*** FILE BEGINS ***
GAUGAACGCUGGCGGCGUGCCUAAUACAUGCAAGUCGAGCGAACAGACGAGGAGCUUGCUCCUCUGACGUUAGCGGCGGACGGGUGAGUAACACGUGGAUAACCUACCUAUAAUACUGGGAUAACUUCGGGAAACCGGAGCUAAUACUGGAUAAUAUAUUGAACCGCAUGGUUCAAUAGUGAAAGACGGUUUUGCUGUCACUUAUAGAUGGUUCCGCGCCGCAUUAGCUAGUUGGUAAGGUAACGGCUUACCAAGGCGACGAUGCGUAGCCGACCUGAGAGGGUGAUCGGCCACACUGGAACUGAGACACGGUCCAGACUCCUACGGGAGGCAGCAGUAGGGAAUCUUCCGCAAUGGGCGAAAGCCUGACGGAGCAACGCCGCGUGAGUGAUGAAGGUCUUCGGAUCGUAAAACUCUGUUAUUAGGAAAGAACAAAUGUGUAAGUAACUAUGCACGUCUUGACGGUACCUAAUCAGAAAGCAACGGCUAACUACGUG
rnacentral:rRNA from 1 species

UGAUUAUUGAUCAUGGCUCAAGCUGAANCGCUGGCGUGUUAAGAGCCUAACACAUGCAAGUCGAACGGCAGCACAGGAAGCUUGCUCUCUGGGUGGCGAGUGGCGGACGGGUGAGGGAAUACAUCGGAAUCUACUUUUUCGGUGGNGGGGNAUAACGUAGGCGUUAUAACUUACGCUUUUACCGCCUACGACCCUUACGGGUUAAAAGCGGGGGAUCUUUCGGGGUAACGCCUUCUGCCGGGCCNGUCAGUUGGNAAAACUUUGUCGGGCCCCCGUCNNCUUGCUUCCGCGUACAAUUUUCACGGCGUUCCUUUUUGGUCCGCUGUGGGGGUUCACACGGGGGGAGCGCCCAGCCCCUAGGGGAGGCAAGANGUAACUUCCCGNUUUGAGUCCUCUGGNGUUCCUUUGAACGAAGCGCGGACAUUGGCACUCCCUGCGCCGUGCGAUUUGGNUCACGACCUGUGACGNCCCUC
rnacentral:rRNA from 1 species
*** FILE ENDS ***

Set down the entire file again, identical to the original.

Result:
GAUGAACGCUGGCGGCGUGCCUAAUACAUGCAAGUCGAGCGAACAGACGAGGAGCUUGCUCCUCUGACGUUAGCGGCGGACGGGUGAGUAACACGUGGAUAACCUACCUAUAAUACUGGGAUAACUUCGGGAAACCGGAGCUAAUACUGGAUAAUAUAUUGAACCGCAUGGUUCAAUAGUGAAAGACGGUUUUGCUGUCACUUAUAGAUGGUUCCGCGCCGCAUUAGCUAGUUGGUAAGGUAACGGCUUACCAAGGCGACGAUGCGUAGCCGACCUGAGAGGGUGAUCGGCCACACUGGAACUGAGACACGGUCCAGACUCCUACGGGAGGCAGCAGUAGGGAAUCUUCCGCAAUGGGCGAAAGCCUGACGGAGCAACGCCGCGUGAGUGAUGAAGGUCUUCGGAUCGUAAAACUCUGUUAUUAGGAAAGAACAAAUGUGUAAGUAACUAUGCACGUCUUGACGGUACCUAAUCAGAAAGCAACGGCUAACUACGUG
rnacentral:rRNA from 1 species

UGAUUAUUGAUCAUGGCUCAAGCUGAANCGCUGGCGUGUUAAGAGCCUAACACAUGCAAGUCGAACGGCAGCACAGGAAGCUUGCUCUCUGGGUGGCGAGUGGCGGACGGGUGAGGGAAUACAUCGGAAUCUACUUUUUCGGUGGNGGGGNAUAACGUAGGCGUUAUAACUUACGCUUUUACCGCCUACGACCCUUACGGGUUAAAAGCGGGGGAUCUUUCGGGGUAACGCCUUCUGCCGGGCCNGUCAGUUGGNAAAACUUUGUCGGGCCCCCGUCNNCUUGCUUCCGCGUACAAUUUUCACGGCGUUCCUUUUUGGUCCGCUGUGGGGGUUCACACGGGGGGAGCGCCCAGCCCCUAGGGGAGGCAAGANGUAACUUCCCGNUUUGAGUCCUCUGGNGUUCCUUUGAACGAAGCGCGGACAUUGGCACUCCCUGCGCCGUGCGAUUUGGNUCACGACCUGUGACGNCCCUC
rnacentral:rRNA from 1 species